It’s Polling Day across the UK and we’ve been asked a lot; is it illegal to post my election vote on Facebook and Twitter?
The Telegraph has this advice;
These days, posting about your general election vote on social media feels like as much of the voting process as, well, voting itself.
But oversharing could potentially get you in trouble, since the UK has strict rules about publishing voting information before polling stations close.
These rules are designed for big publishers, such as newspaper websites, and designed to stop them influencing a vote while it is going on. But since social media has turned everyone into a publisher, even individuals have to be careful about what they post online on polling day.
Although the 1983 REpresentation of the People Act says publishing “any statement relating to the way in which voters have voted” is forbidden, the Electoral Commission says posting how one voted or intends to vote is permitted. According to the commission, “A voter may volunteer information about how they voted, provided no undue influence is exerted on them to do so.”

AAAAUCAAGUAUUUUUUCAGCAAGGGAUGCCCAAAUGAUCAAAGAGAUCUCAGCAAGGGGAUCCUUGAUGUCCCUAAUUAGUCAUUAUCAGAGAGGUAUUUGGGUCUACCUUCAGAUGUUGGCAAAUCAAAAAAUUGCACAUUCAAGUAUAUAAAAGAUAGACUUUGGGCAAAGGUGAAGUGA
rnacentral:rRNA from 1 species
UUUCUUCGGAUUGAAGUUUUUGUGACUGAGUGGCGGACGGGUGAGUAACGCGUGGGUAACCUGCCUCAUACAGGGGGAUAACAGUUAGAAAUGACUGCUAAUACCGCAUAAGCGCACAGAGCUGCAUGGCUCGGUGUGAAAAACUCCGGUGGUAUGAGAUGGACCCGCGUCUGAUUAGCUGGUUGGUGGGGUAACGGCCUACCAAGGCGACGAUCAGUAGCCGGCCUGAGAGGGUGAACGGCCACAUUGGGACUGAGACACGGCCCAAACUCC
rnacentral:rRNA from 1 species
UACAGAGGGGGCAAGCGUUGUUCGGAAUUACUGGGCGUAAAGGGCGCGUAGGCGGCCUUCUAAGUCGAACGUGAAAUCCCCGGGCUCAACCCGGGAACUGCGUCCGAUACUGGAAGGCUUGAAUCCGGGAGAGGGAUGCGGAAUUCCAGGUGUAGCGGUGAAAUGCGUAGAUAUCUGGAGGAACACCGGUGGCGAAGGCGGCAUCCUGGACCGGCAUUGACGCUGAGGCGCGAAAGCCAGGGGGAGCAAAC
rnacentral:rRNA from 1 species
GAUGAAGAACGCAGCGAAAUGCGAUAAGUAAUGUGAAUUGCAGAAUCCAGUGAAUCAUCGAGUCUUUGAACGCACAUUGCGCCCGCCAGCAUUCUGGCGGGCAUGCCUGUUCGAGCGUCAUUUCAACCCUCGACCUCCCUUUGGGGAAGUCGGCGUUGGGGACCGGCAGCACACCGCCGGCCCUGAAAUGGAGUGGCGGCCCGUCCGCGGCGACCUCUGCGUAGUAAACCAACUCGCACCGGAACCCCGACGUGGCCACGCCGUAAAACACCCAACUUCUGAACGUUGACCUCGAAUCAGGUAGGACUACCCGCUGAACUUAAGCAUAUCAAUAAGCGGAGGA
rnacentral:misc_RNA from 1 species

Revealing another person’s vote – tweeting it or posting it on Facebook for example – is not allowed, although an Electoral Commission spokesman said sharing somebody else’s post, such as retweeting them, is not prohibited.
Oh – and no selfies!! When it comes to photography the law is a bit stricter. The commission strongly advises against taking photographs inside a polling station, whether it is of yourself, of your ballot paper, or anything else.
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